Every time a scandal erupts with a married politician and a mistress, it takes me back. Like silt at the bottom of a pond, old emotions rise to the surface. On a snowy morning in March 1981, I ventured outside our house to fetch the paper. I was a 14-year-old in braces and a training bra. My father was the congressman from Delaware, a rising political star, so reading about him from time to time was normal. Plastered across the front page of the Wilmington News Journal was a picture of Dad. This time with a blonde.
Who is that woman?
All I remember from the headline are the words “Evans and the Lady.” I stood on the front stoop reading about my father and “the other woman.” Was this the same father who raced home to see me in the school play or watch my field-hockey games?
Running inside, I yelled for my mother. She was on the phone with a reporter who was looking for a comment. Dad was in Washington. Mom hung up, ashen-faced, and I handed her the paper. She glanced at it, then told me not to read “that trash.”
My mother was an artist who preferred museums and galleries in New York to teas for congressional wives on Capitol Hill. Apart from raising my two older brothers and me, she spent her time painting and volunteering. She taught art in a women’s prison and helped out at an inner-city daycare center. She joked that prisoners were more interesting than politicians. She was a renegade wife, politically speaking. And because my parents spent weeks apart, the distance—emotional and physical—had taken its toll. So perhaps when the news of my father broke, Mom wasn’t as shocked as the rest of us.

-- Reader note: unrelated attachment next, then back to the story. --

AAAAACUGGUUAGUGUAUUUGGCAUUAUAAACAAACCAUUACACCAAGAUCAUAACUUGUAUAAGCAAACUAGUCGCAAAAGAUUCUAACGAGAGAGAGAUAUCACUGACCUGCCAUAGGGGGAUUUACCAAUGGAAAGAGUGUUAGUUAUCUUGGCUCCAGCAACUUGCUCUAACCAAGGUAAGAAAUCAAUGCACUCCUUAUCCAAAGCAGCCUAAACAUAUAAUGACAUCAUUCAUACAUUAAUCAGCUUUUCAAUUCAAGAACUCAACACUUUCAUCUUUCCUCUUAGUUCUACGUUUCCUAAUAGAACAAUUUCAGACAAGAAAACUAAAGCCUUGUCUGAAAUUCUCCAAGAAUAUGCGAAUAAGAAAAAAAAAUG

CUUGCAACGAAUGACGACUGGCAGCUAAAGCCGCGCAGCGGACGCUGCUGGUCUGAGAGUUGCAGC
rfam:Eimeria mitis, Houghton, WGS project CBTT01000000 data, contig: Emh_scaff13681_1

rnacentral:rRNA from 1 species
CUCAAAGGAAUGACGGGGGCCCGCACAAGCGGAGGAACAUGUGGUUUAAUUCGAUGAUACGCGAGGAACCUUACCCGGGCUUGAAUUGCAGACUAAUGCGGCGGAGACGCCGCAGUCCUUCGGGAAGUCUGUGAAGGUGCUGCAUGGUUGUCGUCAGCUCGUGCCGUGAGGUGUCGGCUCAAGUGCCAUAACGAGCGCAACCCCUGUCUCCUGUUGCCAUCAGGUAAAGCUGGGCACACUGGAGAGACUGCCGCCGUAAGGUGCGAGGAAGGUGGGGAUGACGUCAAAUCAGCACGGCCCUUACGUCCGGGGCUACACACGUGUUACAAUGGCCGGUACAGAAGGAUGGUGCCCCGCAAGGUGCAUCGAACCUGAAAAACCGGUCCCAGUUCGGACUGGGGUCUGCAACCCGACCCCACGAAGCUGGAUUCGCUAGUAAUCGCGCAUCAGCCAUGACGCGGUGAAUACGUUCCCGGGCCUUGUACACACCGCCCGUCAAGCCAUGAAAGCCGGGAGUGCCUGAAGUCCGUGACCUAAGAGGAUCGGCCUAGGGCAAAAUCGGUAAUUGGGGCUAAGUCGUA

I was apoplectic. At 14, you don’t want to know your father is intimate with your mother, let alone a buxom lobbyist who has posed for Playboy. Now I was faced with this news. And my friends would know about it.
I ran upstairs, alerting my brothers. Shaking the front page in their faces, I sobbed, “You’re not going to believe what they’re saying about Dad!”
I ran out the back door and hurled myself through the snow toward the woods behind our house, then pitched to a stop near a fallen tree, flopping over it. I rocked back and forth, snow soaking through my corduroys. Our black Lab arrived, wagging his tail and panting. As he licked my tears, I got up and went back home.
“Uh-huh, uh-huh,” my mother was saying on the phone in the kitchen. She handed me the receiver: “Dad wants to talk to you.”
“Well, I don’t want to talk to him,” I said.
“He needs to talk to you.”
I grabbed the phone, wailing into it, “I don’t want to talk to you!”
“Pagie,” he said, “I want you to know how much I love you and how . . .”
“How could you?”
“. . . and how terribly sorry I am. I hope someday you’ll forgive me.”
I screamed, “I hate you and I never want you to come home!”
I slammed down the phone and stood there looking at my mother. I imagined I’d told him what she wanted to—or perhaps already had. I wanted her to high-five me, but she told me to call him back and apologize.
“No way, Mom. I hate him.”
“You know how much he loves you. And he’s suffering.”
“Now go upstairs and get ready. Mrs. Draper will be by in a minute to pick you up.”
This fit with her “keep moving, this too shall pass” coping mechanism. She focused—as she still does—on going forward, never drifting into self-pity.
School was delayed that day because of the snow. When I arrived, the receptionist pulled me aside. She looked into my eyes while holding my shoulders, as if to prop me up.
“Page,” she said, “your father’s still a great father. And he loves you very much. Remember that.”